Friday, May 5, 2023

April jobs report: deceleration continues, with sharp downward revisions to previous months’ gains


 - by New Deal democrat

My focus for this report continued to be whether the leading sectors and other indicators  continued to decline, and whether the pace of growth continued to decelerate.

While the deceleration in growth did occur - and substantially so - the leading sectors were decidedly mixed, with some - notably the unemployment and underemployment rates - actually improving.

Here’s my in depth synopsis.

  • 253,000 jobs added. Private sector jobs increased 230,000. Government jobs increased by 23,000. 
  • BUT, February was revised down by -78,000, and March by -71,000, for a total of -149,000. At +165,000, March is now the lowest reading since December 2020, and the three month moving average of growth declined by over -100,000 from 345,000 before revisions to 222,000, again the lowest since the end of 2020.
  • The alternate, and more volatile measure in the household report rose by 139,000 jobs.
  • Despite this, the U3 unemployment rate declined -0.1% to 3.4%. This is because the civilian labor force, the denominator in the figure, declined by -43,000
  • U6 underemployment rate also declined -0.1% to 6.6%.

Leading employment indicators of a slowdown or recession

These are leading sectors for the economy overall, and help us gauge how much the post-pandemic employment boom is shading towards a downturn.  These were decidedly mixed:
  • the average manufacturing workweek, one of the 10 components of the Index of Leading Indicators, was unchanged at 40.6, down -1.0 hours from February peak last year of 41.6 hours.
  • Manufacturing jobs increased by 11,000.
  • Construction jobs increased by 15,000.
  • Residential construction jobs, which are even more leading, declilned by 1,800. It appears likely that January was the peak for this sector.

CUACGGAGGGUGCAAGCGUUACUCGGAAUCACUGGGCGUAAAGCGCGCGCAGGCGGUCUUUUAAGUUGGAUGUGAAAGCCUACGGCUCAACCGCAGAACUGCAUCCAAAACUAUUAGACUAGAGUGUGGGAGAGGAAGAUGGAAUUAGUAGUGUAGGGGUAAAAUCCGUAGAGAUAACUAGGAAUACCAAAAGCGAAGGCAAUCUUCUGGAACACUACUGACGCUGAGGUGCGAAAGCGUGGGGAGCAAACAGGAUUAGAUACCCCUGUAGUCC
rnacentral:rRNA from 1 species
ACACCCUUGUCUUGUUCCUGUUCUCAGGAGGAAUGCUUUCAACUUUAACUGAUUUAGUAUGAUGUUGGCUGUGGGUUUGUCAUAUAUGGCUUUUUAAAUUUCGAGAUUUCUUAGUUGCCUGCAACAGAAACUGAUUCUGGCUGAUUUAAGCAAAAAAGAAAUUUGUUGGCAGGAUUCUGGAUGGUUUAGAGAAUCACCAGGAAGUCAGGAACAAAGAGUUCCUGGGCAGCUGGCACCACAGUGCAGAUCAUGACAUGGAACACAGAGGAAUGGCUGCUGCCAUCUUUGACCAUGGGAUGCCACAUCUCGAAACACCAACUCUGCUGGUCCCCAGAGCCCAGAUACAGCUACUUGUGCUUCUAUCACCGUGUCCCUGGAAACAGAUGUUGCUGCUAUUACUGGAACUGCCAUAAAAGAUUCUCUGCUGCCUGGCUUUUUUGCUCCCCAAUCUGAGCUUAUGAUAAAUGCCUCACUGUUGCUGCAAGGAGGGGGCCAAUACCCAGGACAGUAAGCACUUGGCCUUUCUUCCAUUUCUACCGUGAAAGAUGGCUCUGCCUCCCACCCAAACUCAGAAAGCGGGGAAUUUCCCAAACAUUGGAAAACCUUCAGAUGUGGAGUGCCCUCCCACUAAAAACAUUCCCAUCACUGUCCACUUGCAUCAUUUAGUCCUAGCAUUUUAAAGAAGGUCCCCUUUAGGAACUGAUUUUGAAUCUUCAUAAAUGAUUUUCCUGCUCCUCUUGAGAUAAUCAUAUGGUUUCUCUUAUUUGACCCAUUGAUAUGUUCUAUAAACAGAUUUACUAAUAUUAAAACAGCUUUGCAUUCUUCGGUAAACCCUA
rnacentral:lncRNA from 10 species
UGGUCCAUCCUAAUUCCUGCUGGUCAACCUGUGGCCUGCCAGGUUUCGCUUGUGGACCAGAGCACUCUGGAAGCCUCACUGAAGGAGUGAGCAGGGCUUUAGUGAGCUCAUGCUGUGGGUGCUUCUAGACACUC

• Temporary jobs, which have generally been declining late last year, declined further, and sharply, by -23,500.
  • the number of people unemployed for 5 weeks or less declined -436,000 to 1,866,000.

Wages of non-managerial workers
  • Average Hourly Earnings for Production and Nonsupervisory Personnel increased $.11, or +0.5%, to $28.62, a YoY gain of 5.0%, the lowest YoY gain since June of 2021.

Aggregate hours and wages: 
  • the index of aggregate hours worked for non-managerial workers declined -0.2%.
  •  the index of aggregate payrolls for non-managerial workers rose 0.3%, but continued its deceleration to 6.7% YoY, the lowest since March 2021, although still 1.7% higher YoY than inflation as of the last reading.

Other significant data:
  • Leisure and hospitality jobs, which were the most hard-hit during the pandemic, rose 31,000, -402,000, or -2.4% below their pre-pandemic peak.
  • Within the leisure and hospitality sector, food and drink establishments added 26,800 jobs, and are now only -87,100, or -0.7% below their pre-pandemic peak. 
  • Professional and business employment rose 43,000. This series has also been decelerating, and is now up 2.3% YoY.
  • The Labor Force Participation Rate was unchanged at 62.6%, vs. 63.4% in February 2020.
  • The number of job holders who were part time for economic reasons declined -199,000.
  • Those not in the labor force at all, but who want a job now, increased 346,000 to 5.271 million vs. its best level of 4.761 shortly before the pandemic.


This was a very mixed report. The biggest positives were the increases in manufacturing and construction jobs. Nominal wage growth, while decelerating, continues to be strong. And both the unemployment and underemployment rates tied their multi-decade lows.

The negatives included the reasons *why* the unemployment and underemployment rates were so low: the labor force itself declined, while those who weren’t in the labor force but want a job increased. Temporary jobs and residential construction jobs continued to decline, the former sharply. And perhaps most important of all: for the second month in a row, we have had sharp downward revisions to the previous two months’ numbers. This is something that tends to happen as a recession is about to start, or has already started.

The theme remains deceleration, but no downturn yet.